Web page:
It began to be clear even from earlier experiments in test tubes performed more than a decade ago by Dr. Pasca that neurons grown from cells donated by TS patients displayed certain characteristic pathologies. For example, these cells had problems regulating the flow of calcium into and out of neurons, a flaw that is associated with abnormally high levels of neural excitation. There were also pathologies affecting the way neurons migrate in the brain.

These defects are caused by a mutation in a gene called CACNA1C, known to be mutated in TS (and several other psychiatric illnesses) and, much more specifically, the way in which the CACNA1C gene is processed in cells to ultimately give rise to CACNA1C proteins.

Every gene in our bodies, when activated, generates a “message” in the form of RNA (“messenger RNA”) that tells a cell to manufacture a specific protein. Under normal conditions, the CACNA1C gene produces several variants, or “alternate” messenger RNAs (mRNAs). These alternate messages are the result of a process called “alternate mRNA splicing” that occurs just before the message is sent to protein production factories in cells calls ribosomes. These messages contain instructions for making the CACNA1C protein. The variant of CACNA1C carrying the TS mutation is present early in the developing brain and patient-derived neurons seem to make even more of it than those from healthy controls.

As development progresses, the CACNA1C RNA “message” normally transitions to a slightly different, more mature form. Dr Pasca reasoned that interfering with RNA splicing to yield the more mature non-mutated form might prevent defects associated with Timothy Syndrome type 1.

To achieve this, his lab developed a therapeutic strategy that has been used successfully to treat several other serious illnesses including spinal muscular atrophy and Duchenne muscular dystrophy. Both also have pathologies rooted in splicing variations in RNA messages. As was done in those illnesses, the researchers created chemically modified pieces of RNA called antisense oligonucleotides (ASOs). The ASOs act like missiles within cells, homing in precisely on specific spots in pre-spliced RNA messages of a gene, causing the splicing of the message to be slightly modified. This modification can do a variety of things depending on the ASO’s design. In the case of Dr. Pasca’s team, the ASO was designed to interfere with the splicing of CACNA1C favoring the variation not carrying the TS1 mutation.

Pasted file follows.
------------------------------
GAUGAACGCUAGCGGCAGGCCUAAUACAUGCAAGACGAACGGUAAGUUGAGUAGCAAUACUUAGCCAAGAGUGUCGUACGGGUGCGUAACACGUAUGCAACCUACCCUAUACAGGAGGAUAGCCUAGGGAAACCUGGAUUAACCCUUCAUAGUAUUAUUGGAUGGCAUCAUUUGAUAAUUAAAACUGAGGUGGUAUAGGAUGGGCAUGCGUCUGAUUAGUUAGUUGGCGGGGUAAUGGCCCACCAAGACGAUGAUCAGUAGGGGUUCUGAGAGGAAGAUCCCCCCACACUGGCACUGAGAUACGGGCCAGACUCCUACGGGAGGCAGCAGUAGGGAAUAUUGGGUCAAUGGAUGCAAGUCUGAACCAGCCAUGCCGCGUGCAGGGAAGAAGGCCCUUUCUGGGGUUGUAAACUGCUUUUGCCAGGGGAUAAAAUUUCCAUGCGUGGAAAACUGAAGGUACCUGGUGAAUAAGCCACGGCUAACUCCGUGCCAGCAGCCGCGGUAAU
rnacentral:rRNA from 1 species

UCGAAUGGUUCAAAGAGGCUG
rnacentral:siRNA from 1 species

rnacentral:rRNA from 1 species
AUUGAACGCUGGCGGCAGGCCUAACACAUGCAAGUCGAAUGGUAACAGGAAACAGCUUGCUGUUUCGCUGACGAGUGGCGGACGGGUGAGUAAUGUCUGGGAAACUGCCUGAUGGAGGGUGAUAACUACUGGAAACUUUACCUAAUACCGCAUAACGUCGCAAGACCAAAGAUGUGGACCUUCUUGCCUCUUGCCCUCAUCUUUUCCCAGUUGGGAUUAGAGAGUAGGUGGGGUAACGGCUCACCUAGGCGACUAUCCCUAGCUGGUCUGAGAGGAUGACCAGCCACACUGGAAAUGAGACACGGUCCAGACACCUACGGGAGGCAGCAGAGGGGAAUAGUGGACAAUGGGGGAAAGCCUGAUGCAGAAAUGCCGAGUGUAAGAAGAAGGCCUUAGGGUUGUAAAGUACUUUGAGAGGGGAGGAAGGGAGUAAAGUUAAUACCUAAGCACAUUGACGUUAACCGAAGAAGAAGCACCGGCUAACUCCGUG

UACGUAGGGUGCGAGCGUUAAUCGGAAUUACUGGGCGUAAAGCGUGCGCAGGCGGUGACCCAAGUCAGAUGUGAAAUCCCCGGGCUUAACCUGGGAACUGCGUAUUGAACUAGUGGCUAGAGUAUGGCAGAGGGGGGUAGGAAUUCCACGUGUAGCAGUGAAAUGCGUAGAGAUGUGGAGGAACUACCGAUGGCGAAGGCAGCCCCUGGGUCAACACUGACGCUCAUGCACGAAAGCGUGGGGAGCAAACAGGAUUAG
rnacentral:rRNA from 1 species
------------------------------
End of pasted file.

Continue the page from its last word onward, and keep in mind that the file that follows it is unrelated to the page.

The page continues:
In rats that had received cortical organoid transplants grown from the cells of TS patients, the team injected the tiny ASO molecules into the fluid that bathes the spinal cord and brain. These did indeed alter the splicing of RNA messages in the human cells growing inside the rodent brains, resulting in “robust” reversal, or “rescue” of pathologies in the neurons caused by the mutation—those involving calcium flow as well as migration.

The proof-of-concept experiment was successful, but much more work needs to follow before ASOs can be considered for treating people with Timothy Syndrome. It is not yet clear what impact, if any, the therapeutic strategy will have on cardiac symptoms in TS; tests with cardiac organoids grown from patients’ cells are a near-term priority. It is not clear what impact the treatments will have on pathology that happens to predate the treatment. Also, long-term tests must be performed in experimental animals to evaluate toxicities potentially related to the treatment, as well as to determine if the design of the ASOs can be optimized to generate better therapeutic results.

Yet the strategy is an important and promising one, the team believes, and illustrates how this platform involving stem cells and organoids could be used to study other neuropsychiatric diseases and to evaluate the therapeutic efficiency and safety of ASOs and other approaches including small molecule candidate drugs. The approach will be particularly relevant, the team says, when animal models are not available or do not fully recapitulate human pathophysiology for a given illness.